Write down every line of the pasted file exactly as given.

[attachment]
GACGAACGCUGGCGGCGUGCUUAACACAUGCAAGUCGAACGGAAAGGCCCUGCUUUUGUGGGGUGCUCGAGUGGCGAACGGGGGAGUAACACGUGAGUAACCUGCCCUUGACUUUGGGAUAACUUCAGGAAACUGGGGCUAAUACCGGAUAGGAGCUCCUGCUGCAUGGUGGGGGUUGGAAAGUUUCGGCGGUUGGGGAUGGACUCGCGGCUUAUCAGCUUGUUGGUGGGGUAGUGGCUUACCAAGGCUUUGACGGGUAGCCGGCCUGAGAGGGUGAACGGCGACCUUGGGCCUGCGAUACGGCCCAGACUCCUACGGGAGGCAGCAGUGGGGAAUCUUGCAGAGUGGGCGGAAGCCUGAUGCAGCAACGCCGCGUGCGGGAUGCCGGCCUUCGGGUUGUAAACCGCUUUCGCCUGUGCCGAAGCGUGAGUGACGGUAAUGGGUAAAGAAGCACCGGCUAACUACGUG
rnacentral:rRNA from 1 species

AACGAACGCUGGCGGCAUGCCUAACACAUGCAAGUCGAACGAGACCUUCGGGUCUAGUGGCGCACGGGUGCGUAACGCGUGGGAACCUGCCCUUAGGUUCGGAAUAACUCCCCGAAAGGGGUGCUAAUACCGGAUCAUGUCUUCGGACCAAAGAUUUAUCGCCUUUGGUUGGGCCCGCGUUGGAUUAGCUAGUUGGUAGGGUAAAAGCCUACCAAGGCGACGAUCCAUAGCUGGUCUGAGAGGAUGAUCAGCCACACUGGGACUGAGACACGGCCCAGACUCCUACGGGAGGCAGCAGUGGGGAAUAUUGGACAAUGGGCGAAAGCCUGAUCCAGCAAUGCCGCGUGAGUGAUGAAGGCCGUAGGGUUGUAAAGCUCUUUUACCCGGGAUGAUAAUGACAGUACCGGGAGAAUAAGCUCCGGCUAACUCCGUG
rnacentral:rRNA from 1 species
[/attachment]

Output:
GACGAACGCUGGCGGCGUGCUUAACACAUGCAAGUCGAACGGAAAGGCCCUGCUUUUGUGGGGUGCUCGAGUGGCGAACGGGGGAGUAACACGUGAGUAACCUGCCCUUGACUUUGGGAUAACUUCAGGAAACUGGGGCUAAUACCGGAUAGGAGCUCCUGCUGCAUGGUGGGGGUUGGAAAGUUUCGGCGGUUGGGGAUGGACUCGCGGCUUAUCAGCUUGUUGGUGGGGUAGUGGCUUACCAAGGCUUUGACGGGUAGCCGGCCUGAGAGGGUGAACGGCGACCUUGGGCCUGCGAUACGGCCCAGACUCCUACGGGAGGCAGCAGUGGGGAAUCUUGCAGAGUGGGCGGAAGCCUGAUGCAGCAACGCCGCGUGCGGGAUGCCGGCCUUCGGGUUGUAAACCGCUUUCGCCUGUGCCGAAGCGUGAGUGACGGUAAUGGGUAAAGAAGCACCGGCUAACUACGUG
rnacentral:rRNA from 1 species

AACGAACGCUGGCGGCAUGCCUAACACAUGCAAGUCGAACGAGACCUUCGGGUCUAGUGGCGCACGGGUGCGUAACGCGUGGGAACCUGCCCUUAGGUUCGGAAUAACUCCCCGAAAGGGGUGCUAAUACCGGAUCAUGUCUUCGGACCAAAGAUUUAUCGCCUUUGGUUGGGCCCGCGUUGGAUUAGCUAGUUGGUAGGGUAAAAGCCUACCAAGGCGACGAUCCAUAGCUGGUCUGAGAGGAUGAUCAGCCACACUGGGACUGAGACACGGCCCAGACUCCUACGGGAGGCAGCAGUGGGGAAUAUUGGACAAUGGGCGAAAGCCUGAUCCAGCAAUGCCGCGUGAGUGAUGAAGGCCGUAGGGUUGUAAAGCUCUUUUACCCGGGAUGAUAAUGACAGUACCGGGAGAAUAAGCUCCGGCUAACUCCGUG
rnacentral:rRNA from 1 species